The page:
Focus: Seismic Waves Feel the Moon’s Tug
If you want to measure how the mechanical properties of complex natural rock formations change under physical stress, neither lab tests on small samples nor measurements in the field can do a complete job. Researchers now report that a new technique can provide information on rock properties from long-term recording of ambient seismic noise at a single monitoring station. The data reveal the effects of periodic stresses resulting from the gravitational pulls of the Moon and the Sun as well as from solar heating. Tracking subsurface conditions in this way could be important in following natural geological processes and in safeguarding construction and mining operations.
Heterogeneous materials such as rocks and minerals typically have elastic properties that change when the material is distorted (strained) by external forces. This change in elastic properties alters the speed at which seismic waves travel through the rock. For several decades, researchers have attempted to use variations in seismic velocity as a diagnostic of geophysical conditions, but experiments have proven difficult. Active source measurements, in which researchers set off seismic disturbances and observe waves at several stations, have yielded good results, but their cost and organizational requirements make them impractical for routine monitoring. Other researchers have measured ambient seismic noise at networks of existing seismic stations but have not obtained precise information.
Christoph Sens-Schönfelder of the GFZ German Research Centre for Geosciences in Potsdam and Tom Eulenfeld of Friedrich Schiller University in Jena, Germany, tried a new observational method in which they analyzed 11 years’ worth of data from a single source, the Patache seismic station in the Atacama Desert of northern Chile. The measured vibrations came from naturally occurring seismic noise produced, among other things, by the impact of ocean waves on the nearby Pacific coast.
The researchers analyzed the seismic recordings with a so-called autocorrelation technique, a procedure that revealed seismic waves that struck the detector and then reflected back off the surroundings and hit the detector again—a bit like listening for echoes in a church, says Schönfelder. Mathematical analysis of the echo patterns enabled the researchers to see how the velocity of seismic waves changed from one moment to the next.
A plot of the velocity variations over the full 11-year observing period showed a clear annual oscillation with an amplitude representing about half a percent change in the seismic wave speed. This signal was punctuated by a few larger jumps coinciding with earthquakes. Closer examination of the data revealed smaller oscillations with periods of exactly one day and about half a day; the latter actually consisted of two separate signals, with periods of roughly 12.42 and 12.65 hours. The 12.42-hour period, which showed a seismic velocity variation of 0.026%, is exactly that of the main lunar tidal influence—the periodic distortions of the Earth attributable to the Moon’s gravitational pull. The longer period corresponds to a secondary tidal effect that comes from the slight ellipticity of the Moon’s orbit.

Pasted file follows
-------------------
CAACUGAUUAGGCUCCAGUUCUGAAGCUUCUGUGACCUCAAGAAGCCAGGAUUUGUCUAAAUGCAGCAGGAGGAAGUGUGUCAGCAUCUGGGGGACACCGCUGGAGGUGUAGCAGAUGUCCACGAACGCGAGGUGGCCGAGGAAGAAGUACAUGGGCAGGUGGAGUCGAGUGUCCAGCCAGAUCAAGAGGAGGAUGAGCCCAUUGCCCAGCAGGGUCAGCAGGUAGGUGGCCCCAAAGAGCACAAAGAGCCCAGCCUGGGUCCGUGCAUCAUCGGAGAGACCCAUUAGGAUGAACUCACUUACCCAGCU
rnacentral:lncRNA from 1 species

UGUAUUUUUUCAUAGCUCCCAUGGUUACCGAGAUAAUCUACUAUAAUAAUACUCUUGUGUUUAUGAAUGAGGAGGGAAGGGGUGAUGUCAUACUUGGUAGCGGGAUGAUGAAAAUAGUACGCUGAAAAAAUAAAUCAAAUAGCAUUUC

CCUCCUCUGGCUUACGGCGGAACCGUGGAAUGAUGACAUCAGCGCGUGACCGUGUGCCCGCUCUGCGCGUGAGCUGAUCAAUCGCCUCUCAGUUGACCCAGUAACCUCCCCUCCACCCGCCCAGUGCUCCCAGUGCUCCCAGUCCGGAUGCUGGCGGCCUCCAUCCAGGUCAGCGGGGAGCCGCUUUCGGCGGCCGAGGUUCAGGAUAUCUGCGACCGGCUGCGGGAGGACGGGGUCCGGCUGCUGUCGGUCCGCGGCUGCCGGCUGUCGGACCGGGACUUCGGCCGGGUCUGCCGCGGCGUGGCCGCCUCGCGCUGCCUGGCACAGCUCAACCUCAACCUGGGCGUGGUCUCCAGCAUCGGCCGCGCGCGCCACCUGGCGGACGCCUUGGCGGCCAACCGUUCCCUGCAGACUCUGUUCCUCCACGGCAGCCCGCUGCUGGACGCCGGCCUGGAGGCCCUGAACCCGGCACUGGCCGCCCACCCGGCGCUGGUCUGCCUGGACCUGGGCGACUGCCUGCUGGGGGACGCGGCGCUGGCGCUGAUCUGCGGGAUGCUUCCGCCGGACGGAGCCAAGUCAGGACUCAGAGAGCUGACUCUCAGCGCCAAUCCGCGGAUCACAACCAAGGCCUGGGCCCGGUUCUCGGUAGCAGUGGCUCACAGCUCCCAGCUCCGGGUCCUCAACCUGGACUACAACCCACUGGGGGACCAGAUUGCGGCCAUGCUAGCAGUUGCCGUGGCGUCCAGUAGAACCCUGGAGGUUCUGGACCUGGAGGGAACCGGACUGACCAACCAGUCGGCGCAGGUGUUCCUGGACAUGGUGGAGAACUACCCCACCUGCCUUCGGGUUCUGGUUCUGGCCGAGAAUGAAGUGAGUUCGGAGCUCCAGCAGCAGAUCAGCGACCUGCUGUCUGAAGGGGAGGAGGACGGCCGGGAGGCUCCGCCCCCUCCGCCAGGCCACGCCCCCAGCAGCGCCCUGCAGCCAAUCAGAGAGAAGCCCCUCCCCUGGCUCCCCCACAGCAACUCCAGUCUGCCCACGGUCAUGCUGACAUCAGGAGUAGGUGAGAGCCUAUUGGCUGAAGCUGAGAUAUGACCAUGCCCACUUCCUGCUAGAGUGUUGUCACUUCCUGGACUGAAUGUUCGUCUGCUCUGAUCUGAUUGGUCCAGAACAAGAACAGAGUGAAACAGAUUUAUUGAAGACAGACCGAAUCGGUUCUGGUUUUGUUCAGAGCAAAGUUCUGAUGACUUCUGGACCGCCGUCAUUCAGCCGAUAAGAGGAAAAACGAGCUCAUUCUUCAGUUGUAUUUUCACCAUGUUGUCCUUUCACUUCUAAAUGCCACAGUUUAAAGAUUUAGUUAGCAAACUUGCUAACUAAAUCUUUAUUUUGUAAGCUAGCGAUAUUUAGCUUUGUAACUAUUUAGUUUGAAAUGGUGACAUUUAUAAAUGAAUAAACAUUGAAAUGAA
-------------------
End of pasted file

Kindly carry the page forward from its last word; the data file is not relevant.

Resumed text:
To verify these associations, the researchers estimated the strain on rocks produced by the lunar and solar tidal forces. They found that the amplitudes of the predicted strain oscillations were proportional to the amplitudes of the roughly 12-hour seismic velocity oscillation signals, further supporting the idea that the tidal strain affected rock properties.
But the daily oscillation was different. Although there is a solar tidal effect linked to the Earth’s daily rotation, it is much smaller than the lunar effect and insufficient to explain the seismic signal that had a one-day period. The researchers concluded that the daily variation is instead associated with heating and cooling of the Earth’s surface, which also has a period of one day. Intriguingly, the analysis also showed small signals clustered around frequencies that are sums and differences of the lunar and solar signals, a classic sign that two effects with different natural frequencies are interacting in some way.
Tom Daley, a geoscientist now retired from Lawrence Berkeley National Laboratory in California, says that the new study’s use of a single station monitoring background noise is novel and that the precision it achieves is “the best I’ve seen.” The method could be used almost anywhere, he says, and a potential next step would be to look for differences among various types of rock material. Sens-Schönfelder and Eulenfeld suggest the technique could even be incorporated into planetary probes, since only one location is needed.
This research is published in Physical Review Letters.
David Lindley is a freelance science writer in Alexandria, Virginia.